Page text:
Electricity prices remain high despite hydro lakes at above-average levels
Heavy rain across the country has pushed hydro lakes levels to above average following a dry period but wholesale electricity prices still remain elevated.
Prices increased nearly seven-fold in April and forced the temporary closure for some big manufacturing companies which could not afford to keep the lights on.
The price rises were the result of dry weather, hydro lake storage falling to its lowest level since 1996, and a shortage of natural gas.
But data from the energy consultancy EnergyLink shows hydro storage nationwide increased by a third over the past two months to more than 2500 GWh and is now 103 percent of its average for this time of year.
Wholesale power prices had now fallen by more than half from about $305 per megawatt hour (MWh) to $130 MWh over the same period, although prices still remain well above average.
"What we're seeing is pricing that is more than two times the historical average," Electric Kiwi chief executive Luke Blincoe said.
The small electricity retailer hedged its power contracts with generators to provide power at a fixed rate to consumers.
However, the futures market was still high, limiting the company's ability to buy additional contracts which had knock on effects.
There had been stories in the retail market about some companies refusing take on new customers because the price of forward contracts was so high it did not make sense for either party.
Electric Kiwi was not quite in the same boat but it had pulled its prices from comparison websites and scaled back its advertising, Blincoe said.
"Really the effect on the market is that we won't grow and there's then no retail competition amongst retailers on price, because wholesale is so high.
"We really need prices to get down to the early $100 [range]," he said.
Blincoe questioned why prices were at their current levels, given the recovery in hydro storage, and suspected the generators were withholding water.
Meridian Energy said it had not been withholding any power and all of its generation is offered into the market.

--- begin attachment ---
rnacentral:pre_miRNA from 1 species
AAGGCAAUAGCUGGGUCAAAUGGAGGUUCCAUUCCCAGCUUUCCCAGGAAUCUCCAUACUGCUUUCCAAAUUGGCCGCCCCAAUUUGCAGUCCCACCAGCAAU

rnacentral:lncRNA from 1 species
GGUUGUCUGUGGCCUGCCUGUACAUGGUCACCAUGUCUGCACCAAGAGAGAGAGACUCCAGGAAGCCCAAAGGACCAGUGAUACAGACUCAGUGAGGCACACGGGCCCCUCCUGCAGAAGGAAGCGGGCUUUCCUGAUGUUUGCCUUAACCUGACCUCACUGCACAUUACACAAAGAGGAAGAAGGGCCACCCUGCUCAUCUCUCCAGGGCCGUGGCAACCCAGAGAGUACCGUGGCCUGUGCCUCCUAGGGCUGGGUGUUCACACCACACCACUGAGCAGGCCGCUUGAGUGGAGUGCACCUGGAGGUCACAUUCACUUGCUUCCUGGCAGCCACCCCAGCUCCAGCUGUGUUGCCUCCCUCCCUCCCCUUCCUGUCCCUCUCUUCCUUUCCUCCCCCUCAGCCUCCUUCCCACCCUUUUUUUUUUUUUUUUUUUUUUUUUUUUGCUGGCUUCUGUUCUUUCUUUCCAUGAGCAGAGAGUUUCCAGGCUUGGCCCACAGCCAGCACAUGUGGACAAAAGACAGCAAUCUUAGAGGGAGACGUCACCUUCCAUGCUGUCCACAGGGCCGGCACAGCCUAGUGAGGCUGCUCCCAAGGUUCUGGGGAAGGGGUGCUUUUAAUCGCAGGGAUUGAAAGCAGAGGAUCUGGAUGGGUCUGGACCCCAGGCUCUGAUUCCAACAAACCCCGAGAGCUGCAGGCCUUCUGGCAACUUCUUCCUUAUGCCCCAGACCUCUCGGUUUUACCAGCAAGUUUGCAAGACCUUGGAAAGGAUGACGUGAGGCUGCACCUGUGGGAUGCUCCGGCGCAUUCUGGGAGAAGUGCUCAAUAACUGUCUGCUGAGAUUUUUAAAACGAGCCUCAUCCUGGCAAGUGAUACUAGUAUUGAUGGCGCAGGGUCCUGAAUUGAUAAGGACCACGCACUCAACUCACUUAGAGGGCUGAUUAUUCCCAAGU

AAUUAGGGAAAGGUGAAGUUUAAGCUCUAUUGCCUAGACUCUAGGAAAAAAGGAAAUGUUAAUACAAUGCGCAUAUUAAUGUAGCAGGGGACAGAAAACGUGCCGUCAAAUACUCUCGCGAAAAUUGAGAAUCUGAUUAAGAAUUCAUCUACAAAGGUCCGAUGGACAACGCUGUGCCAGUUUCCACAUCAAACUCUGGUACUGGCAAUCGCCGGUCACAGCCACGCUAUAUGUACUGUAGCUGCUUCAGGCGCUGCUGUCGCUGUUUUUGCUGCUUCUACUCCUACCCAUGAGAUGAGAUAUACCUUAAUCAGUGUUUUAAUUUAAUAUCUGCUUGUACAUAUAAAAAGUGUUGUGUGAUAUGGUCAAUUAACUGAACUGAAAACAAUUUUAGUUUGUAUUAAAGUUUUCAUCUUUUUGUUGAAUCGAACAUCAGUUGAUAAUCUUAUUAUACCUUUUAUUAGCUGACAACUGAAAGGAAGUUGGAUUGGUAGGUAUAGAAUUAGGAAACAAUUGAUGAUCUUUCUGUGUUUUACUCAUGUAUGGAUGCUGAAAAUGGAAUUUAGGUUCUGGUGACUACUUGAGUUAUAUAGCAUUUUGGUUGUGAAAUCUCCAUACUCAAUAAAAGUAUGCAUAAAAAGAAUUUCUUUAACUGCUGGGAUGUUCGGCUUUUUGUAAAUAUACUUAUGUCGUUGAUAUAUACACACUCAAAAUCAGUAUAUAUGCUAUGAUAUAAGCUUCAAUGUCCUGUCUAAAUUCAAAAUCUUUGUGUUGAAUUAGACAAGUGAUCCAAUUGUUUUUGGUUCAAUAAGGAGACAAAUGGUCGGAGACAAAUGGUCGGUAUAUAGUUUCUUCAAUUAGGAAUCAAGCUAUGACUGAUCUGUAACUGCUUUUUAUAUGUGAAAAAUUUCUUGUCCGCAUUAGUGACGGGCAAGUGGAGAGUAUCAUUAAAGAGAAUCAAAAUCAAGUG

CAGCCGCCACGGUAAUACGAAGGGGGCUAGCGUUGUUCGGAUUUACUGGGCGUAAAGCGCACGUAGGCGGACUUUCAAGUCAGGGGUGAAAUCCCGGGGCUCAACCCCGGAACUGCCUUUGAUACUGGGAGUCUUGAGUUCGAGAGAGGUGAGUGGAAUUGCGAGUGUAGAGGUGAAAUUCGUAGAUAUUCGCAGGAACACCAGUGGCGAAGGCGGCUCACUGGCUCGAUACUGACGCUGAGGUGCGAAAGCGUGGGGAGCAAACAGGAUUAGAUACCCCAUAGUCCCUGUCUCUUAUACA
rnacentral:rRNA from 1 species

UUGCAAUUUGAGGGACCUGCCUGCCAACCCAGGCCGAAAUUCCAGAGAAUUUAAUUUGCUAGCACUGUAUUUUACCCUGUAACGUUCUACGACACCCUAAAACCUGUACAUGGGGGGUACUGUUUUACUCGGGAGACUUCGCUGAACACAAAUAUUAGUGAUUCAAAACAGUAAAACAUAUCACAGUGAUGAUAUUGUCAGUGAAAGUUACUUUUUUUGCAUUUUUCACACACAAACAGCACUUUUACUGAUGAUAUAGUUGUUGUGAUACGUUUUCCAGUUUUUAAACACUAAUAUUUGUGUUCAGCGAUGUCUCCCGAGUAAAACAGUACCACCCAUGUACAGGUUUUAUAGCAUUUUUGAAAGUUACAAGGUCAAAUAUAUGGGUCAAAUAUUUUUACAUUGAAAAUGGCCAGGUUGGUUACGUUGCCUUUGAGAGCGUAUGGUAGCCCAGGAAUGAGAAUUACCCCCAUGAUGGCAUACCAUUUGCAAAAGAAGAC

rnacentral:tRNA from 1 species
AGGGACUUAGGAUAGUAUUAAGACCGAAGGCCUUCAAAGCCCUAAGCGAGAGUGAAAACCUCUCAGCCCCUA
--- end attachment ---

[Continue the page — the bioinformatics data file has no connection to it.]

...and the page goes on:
"It is concerning that such allegations are thrown around so flippantly and without any evidence," a spokesperson said.
"Wholesale prices remain above average due to high gas prices and a shortage of gas for thermal electricity generation."
The spokesperson said in a healthy market high prices incentivised new generation which was exactly what was happening around the country at the moment.
Contact Energy chief executive Mike Fuge said it was "nonsense" to suggest it was withholding storage.
He reiterated many of the points made by Meridian and added that the vast majority of its generation came via the Clutha River.
"This is New Zealand's largest 'run of river' system, and it's a highly volatile catchment with limited ability to store water," he said.
Coal use unacceptable
Genesis Energy had imported record amounts of coal this year to the Huntly station to provide back-up generation in light of the dry weather and gas shortages.
This drew criticism from environmental advocates and politicians about the country's dependency on fossil fuels for energy in dry periods.
"Hydro is at  percent of average and we're burning fossil fuels that's just not acceptable when we've got a massive challenge going forward on decarbonisation and we need our electricity generators to act responsibly," Blincoe said.
Genesis declined to comment on the matter.
However, one reason as to why coal was still in use could be because North Island hydro storage is at 70 percent of its historical average, compared with 106 percent in the South Island.